Heated day of partisan fighting ends with unlikely agreement on congressional map
Members of the Arizona Independent Redistricting Commission met Oct. 4, 2021, in the Phoenix city council chambers to discuss initial changes to the grid maps approved the previous month. L to R: Shereen Lerner, Derrick Watchman, Erika Neuberg, David Mehl, Douglas York. Photo by Jeremy Duda | Arizona Mirror
After a day of accusations, recriminations and partisan sniping, the Arizona Independent Redistricting Commission found its way to what seemed like an improbable consensus and paved the way for a possible unanimous vote on the final version of the congressional map the state will use for the next decade.
The AIRC reached an agreement on where to draw the boundary between two congressional districts in Tucson on Tuesday evening after making a series of changes to make one of the districts more competitive, a prerequisite for the Democratic commissioners’ support.
Democratic Commissioner Shereen Lerner and Republican Commissioner David Mehl sparred throughout the day, eventually agreeing on how to split the 6th and 7th congressional districts in Tucson. The 6th District is a competitive, Republican-leaning district that covers the eastern part of Tucson and most of southeastern Arizona, while the 7th District is a predominantly Latino, Democratic stronghold drawn to comply with the Voting Rights Act, which runs from western and southern Tucson to Yuma, extending into the West Valley in Maricopa County.
After trading competing proposals earlier in the day, Lerner and Mehl worked out an agreement Tuesday evening for the boundary in Tucson that makes the 6th District, on the eastern side of the line, more competitive. The commission measures competitiveness using the vote spread and final results of nine statewide races in 2016, 2018 and 2020. Based on those metrics, the district leans Republican by about 2.4% and Republicans won six of the nine elections in the “basket” of races.
Under the commission’s metrics, anything within a 7% spread is considered competitive and anything within 4% is deemed highly competitive.
The map the commissioners ended their day with has four safe Republican districts, two safe Democratic districts and three competitive districts, two of which qualify as highly competitive. One of the safe Republican districts, the 2nd District based in northern Arizona, is just barely outside the range that would be considered competitive.
The new Tucson boundary runs along 1st Avenue between the Rillito River and Fort Lowell Road. Between Fort Lowell and Speedway, the boundary will be along Country Club Road, and from Speedway to Broadway Boulevard, the border moves east to Alvernon Way. From there, the 7th District juts east into Tucson between Broadway and Golf Links.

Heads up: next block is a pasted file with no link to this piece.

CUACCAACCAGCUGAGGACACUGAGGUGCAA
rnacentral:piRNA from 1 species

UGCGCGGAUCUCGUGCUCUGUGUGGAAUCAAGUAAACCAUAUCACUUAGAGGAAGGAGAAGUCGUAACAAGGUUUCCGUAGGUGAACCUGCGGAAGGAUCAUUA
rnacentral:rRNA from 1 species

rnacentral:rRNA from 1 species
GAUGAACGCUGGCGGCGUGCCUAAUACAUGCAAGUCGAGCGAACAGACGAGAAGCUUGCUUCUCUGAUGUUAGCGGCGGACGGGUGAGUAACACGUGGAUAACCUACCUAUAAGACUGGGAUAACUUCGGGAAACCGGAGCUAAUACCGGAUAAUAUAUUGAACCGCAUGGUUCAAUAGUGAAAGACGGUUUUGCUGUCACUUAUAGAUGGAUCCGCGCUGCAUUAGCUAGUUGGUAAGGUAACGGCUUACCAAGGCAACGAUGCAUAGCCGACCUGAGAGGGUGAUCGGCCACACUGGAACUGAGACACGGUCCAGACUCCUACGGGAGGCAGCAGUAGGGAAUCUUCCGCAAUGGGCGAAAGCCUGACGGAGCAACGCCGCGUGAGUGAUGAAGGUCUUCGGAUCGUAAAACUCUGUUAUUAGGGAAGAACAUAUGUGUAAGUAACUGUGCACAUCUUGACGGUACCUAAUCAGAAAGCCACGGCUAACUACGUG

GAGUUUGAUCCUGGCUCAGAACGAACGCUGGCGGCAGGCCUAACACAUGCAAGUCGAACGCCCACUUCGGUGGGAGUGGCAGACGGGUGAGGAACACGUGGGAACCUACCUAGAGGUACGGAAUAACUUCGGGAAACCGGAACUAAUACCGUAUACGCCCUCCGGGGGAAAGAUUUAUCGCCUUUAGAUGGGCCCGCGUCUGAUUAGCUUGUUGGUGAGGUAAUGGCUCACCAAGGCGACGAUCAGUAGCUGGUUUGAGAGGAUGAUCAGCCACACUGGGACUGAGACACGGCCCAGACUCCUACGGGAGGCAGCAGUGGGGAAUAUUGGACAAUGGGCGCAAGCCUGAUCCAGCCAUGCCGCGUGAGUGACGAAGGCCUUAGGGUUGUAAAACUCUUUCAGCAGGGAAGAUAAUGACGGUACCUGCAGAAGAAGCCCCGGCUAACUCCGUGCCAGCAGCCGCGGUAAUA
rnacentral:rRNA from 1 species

In addition, the 7th District added the eastern half of Santa Cruz County and a sliver of territory along the U.S.-Mexico border that extends east to take in Bisbee and Douglas.
The Democratic and Republican commissioners also hashed out an agreement for changes to the 4th and 5th congressional districts in the East Valley. Those new lines leave the 4th District, which includes Ahwatukee, Tempe, west Mesa and part of Chandler, as marginally competitive but leaning solidly toward the Democrats. The 5th District, taking in Gilbert, east Mesa, Apache Junction, Queen Creek, San Tan Valley and a portion of Chandler, remains solidly Republican.
Commissioner Erika Neuberg, the AIRC’s independent chair, lauded her colleagues after a day of mediating between the Democrats and Republicans.
“I do get a very strong sense from my colleagues that you’re all equally unhappy and also maybe you’re all equally motivated to find consensus that does right by the state. I know today was tense at times, but you’re remarkable colleagues that are doing really hard work, public service work. And I’m deeply grateful and appreciative,” Neuberg said.
The commission plans to vote on Wednesday morning, which is expected to be the final day of work on both its congressional and legislative maps. Mehl and Democratic Commissioner Derrick Watchman wouldn’t comment on whether they expected to vote for the congressional map.
At the start of the day, consensus seemed highly improbable. Neuberg ended Monday’s meeting by voting with Mehl and Republican Commissioner David York, and against the two Democrats, on a new congressional map that included changes that Mehl, who lives in the Tucson area, proposed that made the 6th District more favorable for the GOP.
Though Neuberg made it clear that she wanted to see changes that would make the 6th District more competitive, Lerner opened Tuesday’s meeting at the Kimpton Hotel Palomar Phoenix with a jeremiad against the map.
“It’s going to be incredibly difficult to make this map competitive,” she said. “This map … is going to be virtually impossible to fix.”